Mental Illness Adventures: Bipolar Edition

Read about my adventures with a mental illness. I'm bipolar, and sometimes confetti shoots out of my ears.

A photo of Matt Vaillette smiling!

A photo of Matt Vaillette smiling!

My mental illness adventure lasted from about age 6 to around age 26.

 
 

Mental illness As a child

I suffered from mental illness from a very young age. I didn't know anything was wrong.

I was awesome. I loved origami when most kids could barely hold a crayon. I have always been very artistic, and visual.

I was also very nervous, and quiet. The goblins and bullies existed in my head, and I could not escape!

Anxiety was one undoing of mine—but not the only one.

First grade

I had OCD when I was young. I was smart enough to know that the thoughts were illogical and scary, but didn't know it was out of the ordinary.

I hadn't talked to my peers much yet, after all...and I don't think most 9 year olds talk about psychology anyways.

I would wonder...if I was blurting out terrible things at people, without my knowledge. It often made me feel guilty, for no logical reason. It still happens in adulthood.

Drawing kept me calm-ish

The only way I could pay attention in school, was to draw on paper. I got wonderful grades, but everyone thought I wasn't paying attention. (?!?!)

No one had a clue what was going on.

This continued throughout college. I had to function without notes because I had to draw during lectures.

A happy artist eating a cupcake!

 

The storm within

I have always had a storm inside of me. Sometimes it helps me focus, and do exceptional things. Sometimes it juts sucked.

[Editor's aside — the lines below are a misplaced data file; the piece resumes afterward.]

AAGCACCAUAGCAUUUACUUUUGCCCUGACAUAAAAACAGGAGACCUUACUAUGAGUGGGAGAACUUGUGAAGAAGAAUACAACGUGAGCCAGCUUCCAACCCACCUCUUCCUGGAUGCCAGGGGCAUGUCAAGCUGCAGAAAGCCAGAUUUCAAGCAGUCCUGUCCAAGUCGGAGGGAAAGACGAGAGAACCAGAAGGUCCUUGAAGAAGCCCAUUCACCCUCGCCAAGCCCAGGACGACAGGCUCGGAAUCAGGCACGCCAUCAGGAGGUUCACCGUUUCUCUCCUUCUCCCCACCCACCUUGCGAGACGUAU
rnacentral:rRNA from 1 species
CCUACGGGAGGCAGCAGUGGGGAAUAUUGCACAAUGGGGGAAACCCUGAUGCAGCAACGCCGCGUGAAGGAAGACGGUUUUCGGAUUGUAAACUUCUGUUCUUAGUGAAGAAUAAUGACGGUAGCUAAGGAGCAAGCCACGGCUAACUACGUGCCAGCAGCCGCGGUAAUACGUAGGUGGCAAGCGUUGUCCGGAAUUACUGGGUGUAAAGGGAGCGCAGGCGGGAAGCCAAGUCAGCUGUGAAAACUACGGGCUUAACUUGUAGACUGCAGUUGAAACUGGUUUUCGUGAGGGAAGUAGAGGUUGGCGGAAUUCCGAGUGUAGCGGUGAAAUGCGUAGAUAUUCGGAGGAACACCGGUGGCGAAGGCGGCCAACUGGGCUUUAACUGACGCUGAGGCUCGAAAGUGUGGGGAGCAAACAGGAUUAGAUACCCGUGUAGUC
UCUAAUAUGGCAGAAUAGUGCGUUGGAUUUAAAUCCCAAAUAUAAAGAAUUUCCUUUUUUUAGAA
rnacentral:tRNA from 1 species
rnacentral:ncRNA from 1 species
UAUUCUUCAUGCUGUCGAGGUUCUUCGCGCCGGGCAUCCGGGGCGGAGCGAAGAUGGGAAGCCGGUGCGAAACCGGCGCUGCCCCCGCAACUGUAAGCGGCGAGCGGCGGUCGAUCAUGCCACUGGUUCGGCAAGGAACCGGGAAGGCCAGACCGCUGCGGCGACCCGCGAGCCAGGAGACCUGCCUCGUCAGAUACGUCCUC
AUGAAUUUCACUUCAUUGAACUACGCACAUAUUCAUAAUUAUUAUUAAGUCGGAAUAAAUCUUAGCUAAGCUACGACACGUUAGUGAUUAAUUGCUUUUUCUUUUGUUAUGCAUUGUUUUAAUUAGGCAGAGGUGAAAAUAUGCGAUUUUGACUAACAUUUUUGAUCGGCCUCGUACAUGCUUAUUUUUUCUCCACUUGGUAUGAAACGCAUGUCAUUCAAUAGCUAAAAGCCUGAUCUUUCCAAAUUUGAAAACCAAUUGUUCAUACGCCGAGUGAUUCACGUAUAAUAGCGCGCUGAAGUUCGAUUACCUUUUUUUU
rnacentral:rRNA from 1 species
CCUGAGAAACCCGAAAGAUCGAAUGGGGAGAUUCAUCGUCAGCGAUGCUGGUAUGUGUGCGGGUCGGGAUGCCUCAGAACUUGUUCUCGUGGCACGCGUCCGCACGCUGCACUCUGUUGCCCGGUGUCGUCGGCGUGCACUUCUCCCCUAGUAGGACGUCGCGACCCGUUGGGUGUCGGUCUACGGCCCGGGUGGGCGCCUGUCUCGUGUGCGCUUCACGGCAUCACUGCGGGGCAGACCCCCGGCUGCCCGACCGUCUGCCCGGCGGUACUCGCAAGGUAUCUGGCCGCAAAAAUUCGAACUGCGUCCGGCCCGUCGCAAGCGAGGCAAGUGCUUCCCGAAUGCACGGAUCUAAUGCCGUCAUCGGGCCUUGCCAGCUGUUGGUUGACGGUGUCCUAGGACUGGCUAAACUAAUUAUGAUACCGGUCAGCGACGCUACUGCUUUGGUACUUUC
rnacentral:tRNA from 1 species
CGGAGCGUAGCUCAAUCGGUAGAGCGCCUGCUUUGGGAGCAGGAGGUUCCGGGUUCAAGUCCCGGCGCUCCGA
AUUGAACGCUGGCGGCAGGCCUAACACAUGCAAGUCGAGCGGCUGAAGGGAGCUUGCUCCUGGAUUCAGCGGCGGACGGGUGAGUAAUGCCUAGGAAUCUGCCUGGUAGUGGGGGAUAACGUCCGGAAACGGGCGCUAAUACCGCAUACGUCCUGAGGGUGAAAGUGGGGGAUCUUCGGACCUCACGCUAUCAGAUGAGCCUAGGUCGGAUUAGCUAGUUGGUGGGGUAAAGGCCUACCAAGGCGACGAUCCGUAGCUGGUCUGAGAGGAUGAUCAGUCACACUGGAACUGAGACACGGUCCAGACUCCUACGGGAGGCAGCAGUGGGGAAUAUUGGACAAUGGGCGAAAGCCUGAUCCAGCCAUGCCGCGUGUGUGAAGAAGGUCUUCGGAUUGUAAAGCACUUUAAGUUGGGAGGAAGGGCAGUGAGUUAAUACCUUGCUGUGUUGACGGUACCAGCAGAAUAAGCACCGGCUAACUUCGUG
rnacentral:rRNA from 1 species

This beneficial storm even makes me more creative!

I think it helped me learn fast, too, because I could think very quickly. On a normal day, I could do a complex calculation in my head. Something that would take me a pen, paper, and 2 minutes on a depressed day.

It's a mix of extreme fear and intuition...both horrific, and exciting. It was motivating usually.

I knew I was ahead of the other students, but I also talked to no one—I was too scared.

I was afraid of everyone. Mostly, I was afraid of the feelings I got when talking to people.

I felt so incapable and worthless, even though I was good at most things.

I continued on drawing...I continued with my art therapy!

The storm within!

 

Creativity

Like I suggested, I was intensely creative and visual. I had so many things going for me at school, but no respect for myself.

I was always pushing further, harder, never reaching the point where I could relax, and congratulate myself. Even in the first grade.

The storm inside of me keeps me going and going.

My art remained therapeutic for a while.

Panic attacks

Scary monsters in my head.

I really had no emotional association with panic attacks when I was young. I didn't know that they were even bad or unusual.

Sometimes they would excite me, and I could think quicker. Other times I would be paralyzed with fear of the unknown.

 
 

Mentally Ill 5th Grader

I was still quiet. No no. Scared of other kids.

I had made a few friends, on the street I grew up...but it wasn't until the 5th grade when I made a friend at school.

I'm still friends with Bryan, and I made most of my other friends through him.

Bullying

I got bullied a lot. So did Bryan. We were awkward, and smart. I won't go into this, but I still have dreams, and recall memories of this stuff. It has very much changed my view of the world (for the better) but my view of myself is still being repaired. More quickly thanks to using art as therapy.

All I can say is none of the "adults" handled this issue well, except for my parents.

"Love vs Hate" by Matt Vaillette, 2014

"Love vs Hate" by Matt Vaillette, 2014

 

High school

I was depressed, and anxious. I physically harmed myself in highschool, a lot. I missed the majority of my classes.

My mom terrorized me every morning to get me to school. No one got it. No one understood what I was going through.

No one even questioned why I was doing these things. I was just a bad kid.

I continued to avoid people. Between the anxiety, and the bullying, there wasn't much left of me for other people.